Final - Open Genre Project: Photos from the OSU vs. Michigan Game (11.29.14)
For my final open genre project, I decided to return to the first unit that we explored in this course—the photography unit. Having taken a digital photography course last year, this unit was by far the most comfortable and familiar to me.
This time, however, I wanted to challenge myself to shoot using a DSLR camera instead of my digital point and shoot. I saw this final project as an opportunity to get my feet wet in the world of photojournalism. As I know I have several multimedia journalism classes coming up in the remainder of my undergraduate career at Ohio State, I thought using this time to become better acquainted with professional photography equipment would be beneficial in the long run.
Up until this point, I have been using my Canon SX280HS camera, which is an advanced point and shoot camera. In this English 2269 class, I have used this camera for the first photography project and for our video project.
While I have been pleased with the images I have captured using this camera, I have always had the desire to learn how to use a more advanced DSLR camera. I recently acquired my grandfather’s Nikon D80 camera, which I used to take the photos seen in this final project.
It should be noted that the project I initially planned to present is much different than the one I ultimately produced. I originally wanted to try my hand at concert photography, as I already write primarily for Arts & Entertainment publications and I thought knowing how to shoot my own photos for shows and concerts would be a marketable skill to have.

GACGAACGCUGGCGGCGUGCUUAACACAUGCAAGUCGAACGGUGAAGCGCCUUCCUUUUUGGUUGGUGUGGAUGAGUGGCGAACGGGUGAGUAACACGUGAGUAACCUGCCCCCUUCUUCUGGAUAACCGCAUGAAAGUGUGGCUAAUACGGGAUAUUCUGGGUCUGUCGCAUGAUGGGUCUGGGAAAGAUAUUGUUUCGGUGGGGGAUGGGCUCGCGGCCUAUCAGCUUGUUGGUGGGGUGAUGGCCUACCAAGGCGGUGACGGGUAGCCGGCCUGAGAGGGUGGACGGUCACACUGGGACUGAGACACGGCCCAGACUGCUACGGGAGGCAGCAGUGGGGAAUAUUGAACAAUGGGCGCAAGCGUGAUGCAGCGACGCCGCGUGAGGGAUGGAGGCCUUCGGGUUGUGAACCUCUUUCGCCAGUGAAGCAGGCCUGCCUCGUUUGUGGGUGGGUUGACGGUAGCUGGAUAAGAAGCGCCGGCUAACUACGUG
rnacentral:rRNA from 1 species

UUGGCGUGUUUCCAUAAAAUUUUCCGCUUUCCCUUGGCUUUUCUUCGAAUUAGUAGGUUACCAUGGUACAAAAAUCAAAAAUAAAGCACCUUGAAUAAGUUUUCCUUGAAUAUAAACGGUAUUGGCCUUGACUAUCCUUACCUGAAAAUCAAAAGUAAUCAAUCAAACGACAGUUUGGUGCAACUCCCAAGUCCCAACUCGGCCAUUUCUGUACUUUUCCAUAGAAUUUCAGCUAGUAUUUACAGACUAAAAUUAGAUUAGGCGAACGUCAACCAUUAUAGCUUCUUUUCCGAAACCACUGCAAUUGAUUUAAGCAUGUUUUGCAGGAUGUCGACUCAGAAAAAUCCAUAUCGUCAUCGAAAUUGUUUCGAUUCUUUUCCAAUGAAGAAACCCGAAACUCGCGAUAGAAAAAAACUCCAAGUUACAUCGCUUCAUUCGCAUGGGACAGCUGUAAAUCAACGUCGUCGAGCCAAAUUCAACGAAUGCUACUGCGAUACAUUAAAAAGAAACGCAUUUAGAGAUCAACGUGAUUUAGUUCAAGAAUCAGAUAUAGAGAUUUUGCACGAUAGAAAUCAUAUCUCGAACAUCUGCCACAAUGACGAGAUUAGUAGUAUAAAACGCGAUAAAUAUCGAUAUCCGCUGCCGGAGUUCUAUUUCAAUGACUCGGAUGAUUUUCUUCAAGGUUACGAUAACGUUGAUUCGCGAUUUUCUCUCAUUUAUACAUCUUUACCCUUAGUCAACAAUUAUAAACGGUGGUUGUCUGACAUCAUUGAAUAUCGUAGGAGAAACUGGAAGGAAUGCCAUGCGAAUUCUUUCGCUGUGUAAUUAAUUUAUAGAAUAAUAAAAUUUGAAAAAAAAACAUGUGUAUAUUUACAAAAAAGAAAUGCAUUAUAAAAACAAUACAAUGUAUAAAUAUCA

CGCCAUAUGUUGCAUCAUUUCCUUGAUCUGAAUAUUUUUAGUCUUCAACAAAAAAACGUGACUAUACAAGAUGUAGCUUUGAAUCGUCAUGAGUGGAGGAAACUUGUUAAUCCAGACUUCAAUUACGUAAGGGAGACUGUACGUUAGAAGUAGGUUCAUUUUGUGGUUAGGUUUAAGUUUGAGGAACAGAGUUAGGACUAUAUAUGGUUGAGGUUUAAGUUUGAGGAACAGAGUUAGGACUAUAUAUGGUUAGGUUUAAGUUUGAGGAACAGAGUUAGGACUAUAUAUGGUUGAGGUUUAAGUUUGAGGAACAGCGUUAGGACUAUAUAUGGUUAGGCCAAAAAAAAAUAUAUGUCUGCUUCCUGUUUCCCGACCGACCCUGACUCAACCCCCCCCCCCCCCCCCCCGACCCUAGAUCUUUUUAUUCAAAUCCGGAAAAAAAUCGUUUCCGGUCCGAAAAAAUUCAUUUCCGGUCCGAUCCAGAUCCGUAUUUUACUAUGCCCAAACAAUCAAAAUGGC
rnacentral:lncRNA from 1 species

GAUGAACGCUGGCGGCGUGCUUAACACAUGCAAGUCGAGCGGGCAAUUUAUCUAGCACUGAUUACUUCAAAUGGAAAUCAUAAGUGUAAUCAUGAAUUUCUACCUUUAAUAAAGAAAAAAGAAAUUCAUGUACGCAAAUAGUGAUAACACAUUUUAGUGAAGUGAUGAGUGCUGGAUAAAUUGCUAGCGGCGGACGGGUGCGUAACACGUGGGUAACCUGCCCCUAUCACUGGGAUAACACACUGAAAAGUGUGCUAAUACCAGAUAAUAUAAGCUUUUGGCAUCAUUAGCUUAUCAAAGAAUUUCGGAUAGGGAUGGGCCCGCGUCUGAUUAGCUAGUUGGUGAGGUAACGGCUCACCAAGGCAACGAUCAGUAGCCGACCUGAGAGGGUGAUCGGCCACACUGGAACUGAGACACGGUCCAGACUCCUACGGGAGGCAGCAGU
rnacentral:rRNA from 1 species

Unforeseen issues regarding concert photo credentials arose throughout the weeks leading up the project, so I was forced to come up with a “Plan B.” I ultimately decided to document the Ohio State vs. Michigan pre-game experience.
Although the images included in this final project were not of the subjects that I initially planned on photographing, I think the experience still served a valuable educational purpose. The photographs I captured are more photojournalistic in nature than the other projects I have pursued in the past.
I think the differences in my approach to taking more documentary photographs can be best seen in the methodological and design choices that I made throughout my adventure into photojournalism.
Methodologically speaking, this experience of taking photos felt different. While I was wandering the perimeter of Ohio Stadium, the way I went about looking for subjects to photograph was much different than when I was taking photos for my first visual medium project.
While photographing this project, I was inspired to take small moments from the larger scene and capture them forever in a single image. Personally, I take pleasure in honing in on intimate interactions that are often lost by the sheer multitude of distractions in an environment.